Unit testing is an important part of software development because it helps capture bugs before it moves on to QA or even customers. However, it’s not part of the end product therefore whatever you invest in unit testing will not yield any direct result but indirect result in better quality of your product. So at one side, you want to do it more for better quality; on the other side, you want to minimize it for less investment. It’s therefore a tricky trade off for best ROI. For more discussion, see here.
Logging is an important tool for system monitoring and troubleshooting. vCenter has comprehensive logs for itself and related solutions. We’ll introduce how to change the settings for these logs in vCenter appliance. One obvious use case is to increase the log levels for troubleshooting.
As usual, the vCenter configuration file resides in a subfolder in the /etc folder.
In the virtualization world, virtual machine template (as know as virtual machine image) is a big feature. It allows users to quickly deploy a new virtual machine without the steps to install a new operating system and other software. Because of this feature, we start to have a new problem with too many (unused or useless) virtual machines. But this is a separate topic that deserves its own discussion.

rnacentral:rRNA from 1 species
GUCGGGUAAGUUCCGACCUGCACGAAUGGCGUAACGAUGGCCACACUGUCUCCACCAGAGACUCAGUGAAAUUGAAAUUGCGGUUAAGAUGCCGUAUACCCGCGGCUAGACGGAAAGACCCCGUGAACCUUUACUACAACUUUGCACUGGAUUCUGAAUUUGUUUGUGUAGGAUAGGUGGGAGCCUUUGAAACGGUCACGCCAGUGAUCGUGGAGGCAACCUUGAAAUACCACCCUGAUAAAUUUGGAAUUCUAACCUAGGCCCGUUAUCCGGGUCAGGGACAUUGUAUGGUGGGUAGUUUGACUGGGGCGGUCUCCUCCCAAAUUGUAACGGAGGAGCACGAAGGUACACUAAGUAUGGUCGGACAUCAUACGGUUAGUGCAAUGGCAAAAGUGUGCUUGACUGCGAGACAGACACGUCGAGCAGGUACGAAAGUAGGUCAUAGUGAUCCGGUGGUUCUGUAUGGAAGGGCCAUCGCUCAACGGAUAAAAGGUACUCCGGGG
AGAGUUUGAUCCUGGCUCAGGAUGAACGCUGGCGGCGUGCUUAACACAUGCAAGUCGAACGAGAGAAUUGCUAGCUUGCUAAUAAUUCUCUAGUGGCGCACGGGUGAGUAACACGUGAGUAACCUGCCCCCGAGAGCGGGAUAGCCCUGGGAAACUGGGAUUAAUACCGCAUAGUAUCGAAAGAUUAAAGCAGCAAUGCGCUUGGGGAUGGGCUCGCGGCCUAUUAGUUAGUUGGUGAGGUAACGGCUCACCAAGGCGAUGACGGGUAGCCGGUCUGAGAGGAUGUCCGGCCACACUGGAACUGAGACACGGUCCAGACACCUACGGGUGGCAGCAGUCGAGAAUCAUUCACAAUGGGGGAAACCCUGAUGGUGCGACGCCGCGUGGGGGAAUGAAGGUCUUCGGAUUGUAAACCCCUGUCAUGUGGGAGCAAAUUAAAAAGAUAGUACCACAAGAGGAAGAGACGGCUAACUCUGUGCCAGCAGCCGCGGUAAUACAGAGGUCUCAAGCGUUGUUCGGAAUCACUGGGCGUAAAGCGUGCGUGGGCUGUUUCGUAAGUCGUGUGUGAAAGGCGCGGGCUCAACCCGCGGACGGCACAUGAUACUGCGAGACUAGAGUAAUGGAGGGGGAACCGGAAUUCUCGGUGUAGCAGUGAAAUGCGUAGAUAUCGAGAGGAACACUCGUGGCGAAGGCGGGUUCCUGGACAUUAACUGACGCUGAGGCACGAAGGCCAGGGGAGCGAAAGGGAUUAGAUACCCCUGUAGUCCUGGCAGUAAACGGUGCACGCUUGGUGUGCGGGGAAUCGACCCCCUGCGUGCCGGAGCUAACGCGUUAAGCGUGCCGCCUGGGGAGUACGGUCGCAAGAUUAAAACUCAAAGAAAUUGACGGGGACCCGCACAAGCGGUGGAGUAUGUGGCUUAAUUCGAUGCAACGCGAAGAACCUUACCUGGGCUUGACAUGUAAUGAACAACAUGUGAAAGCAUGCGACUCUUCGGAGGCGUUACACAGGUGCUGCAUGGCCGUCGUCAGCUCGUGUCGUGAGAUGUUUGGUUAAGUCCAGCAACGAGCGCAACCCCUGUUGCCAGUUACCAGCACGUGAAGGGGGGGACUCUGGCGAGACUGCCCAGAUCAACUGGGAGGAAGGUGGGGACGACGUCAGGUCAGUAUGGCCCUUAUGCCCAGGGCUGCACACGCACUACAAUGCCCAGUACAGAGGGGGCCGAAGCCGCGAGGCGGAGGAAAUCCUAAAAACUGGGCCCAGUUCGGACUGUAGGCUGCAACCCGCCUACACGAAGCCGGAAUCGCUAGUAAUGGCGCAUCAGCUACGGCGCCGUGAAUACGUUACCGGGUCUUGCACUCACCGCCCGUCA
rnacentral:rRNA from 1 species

After installing OpenStack and posting a few articles, I started to dig down a bit more on the KVM hypervisor used in OpenStack. For that, I wrote about the libvirt API and how to remotely manage KVM with it.
In this article, I will introduce how KVM is used in Openstack and what a virtual machine is made of.
How A Virtual Machine Instance Comes to Life?
Libvirt is an open source project for managing almost all hypervisors and containers. It’s implemented in C and can be exposed through different language bindings.
There are both server (a.k.a daemon or agent) and client. If you are familiar with VMware vSphere (I assume you are if you read my blog), the server is very much like the hostd running on the ESXi side. The client is like the VI Java API that can be used for remote management.
A while back, I read an interesting article Enable multiuser logins with VNC – Help your users access a multiuser Linux system from anywhere on IBM developerWorks. I was thinking it could be used to implement something similar to the terminal service in Windows. There are many good use cases for terminal services. I think you probably know better than I do so I skip this part.